Two winners of this year’s Arthur Rubinstein Piano Competition – Israeli Boris
Giltburg (second prize) and Daniil Trifonov of Russia (gold medal) – will
perform recitals at London’s Wigmore Hall on March 12 and 14,
The concerts are initiated by Idith Zvi, the artistic
director of the Arthur Rubinstein International Music Society, with the support
of the BBC and of Lady Annabel Weidenfeld, who shared the last 12 years of
Arthur Rubinstein’s life with him and is in constant contact with the society
and the competition. A group of supporters of the Arthur Rubinstein
International Society will join them in London as well.
recital, which features pieces by Rachmaninov, Prokofiev and Schumann, will be
broadcast live by the BBC. Two days later Trifonov, who is also a gold medal
winner of the prestigious Tchaikovsky Piano Competition and is regarded as one
of the finest pianists of his generation, will play pieces by Schubert, Liszt,
Tchaikovsky and Chopin. That concert will be recorded and will be available on
the Arthur Rubinstein Society website.
The modest, charismatic Trifonov
is a welcome guest on our shores.
After his most recent Israeli recital,
which took place at the Red Sea Classics Festival earlier this year, he gave a
brief interview with The Jerusalem Post, speaking about what has changed and
what has not following his victories in the two major piano
For starters, how does it feel to find himself at the top
of the music world at the age of 21? “I don’t think that a performing artist
should even think of it,” he says. “Of course, it is great that I played well at
the two important competitions and that my performance was appreciated by the
jury members. But it still does not mean one should make a case of it and think
of what a great musician I am.
What is important now is to advance, to
discover new possibilities of the instrument. I am really grateful to my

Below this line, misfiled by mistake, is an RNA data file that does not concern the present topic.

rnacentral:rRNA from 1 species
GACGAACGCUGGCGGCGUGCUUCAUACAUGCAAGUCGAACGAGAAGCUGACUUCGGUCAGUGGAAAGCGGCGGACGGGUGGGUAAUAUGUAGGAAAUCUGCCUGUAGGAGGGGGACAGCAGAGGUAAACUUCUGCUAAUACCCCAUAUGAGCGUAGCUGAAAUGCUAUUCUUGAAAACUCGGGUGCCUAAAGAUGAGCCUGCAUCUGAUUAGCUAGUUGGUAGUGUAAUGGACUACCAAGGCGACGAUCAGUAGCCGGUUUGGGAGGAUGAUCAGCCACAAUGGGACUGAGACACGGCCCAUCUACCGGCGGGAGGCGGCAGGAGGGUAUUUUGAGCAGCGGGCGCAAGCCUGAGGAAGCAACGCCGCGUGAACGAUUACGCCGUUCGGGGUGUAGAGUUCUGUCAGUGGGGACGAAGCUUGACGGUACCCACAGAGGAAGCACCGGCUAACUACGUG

teachers, who are still my strict and uncompromising critics.”
course, his life has changed considerably.
“The major change is that I
now work with artists’ agencies, which offer me concert performances. And it
means that I have to learn quite a few new concertos for piano and orchestra, as
well as widen my solo repertoire. I also have to limit my concert schedule to
some 90 concerts a season. To play more than 100 concerts a year is very hard,
and with such a schedule you are simply unable to really learn new pieces and to
advance as a musician.
The main thing now is to manage my time properly,”
In addition to his performing activities, Trifonov continues his
studies at the Cleveland Institute of Music in the framework of the Artists’
Certificate Program, which is tailored for musicians who are unable to spend the
entire academic year at school.
Trifonov, who tried his hand at
composing, admits that nowadays he has no time for writing music of his
“I am not working on major pieces, just collecting material. I hope
to return to composing music, and I plan to compose a piano concerto, but
certainly not in the next two years. This activity demands not only a lot of
time but, above all, the utmost concentration.”
He does, however, attend
concerts and operas and listens to recordings of his favorite pianists of the
past, such as Sergei Rachmaninov, Dinu Lipati, Vladimir Sofronitsky, Alfred
Cortot and Vladimir Horovitz.
What is important for him as a performer,
he says, are spontaneity and immersion into the atmosphere of the piece. “You
have to capture the spirit of the music, to listen to it, to follow what it
suggests. A lot depends on the instrument, on the acoustics, the audience and,
yes, on your mood. But again, this all is first and foremost about
As for his favorite composers, the pianist says, “The
ones that I am currently playing. Well, Chopin, Schumann, Scriabin, but also
Bach, Beethoven, Schubert and now Rachmaninov, too.”
When it comes to the
future, Trifonov says he will continue to challenge himself with new and
And some teaching perhaps? “Maybe,” he says, “but
certainly not now. I prefer to be a performer and a little bit of a composer,”
he laughs.For more details: http://www.arims.org.il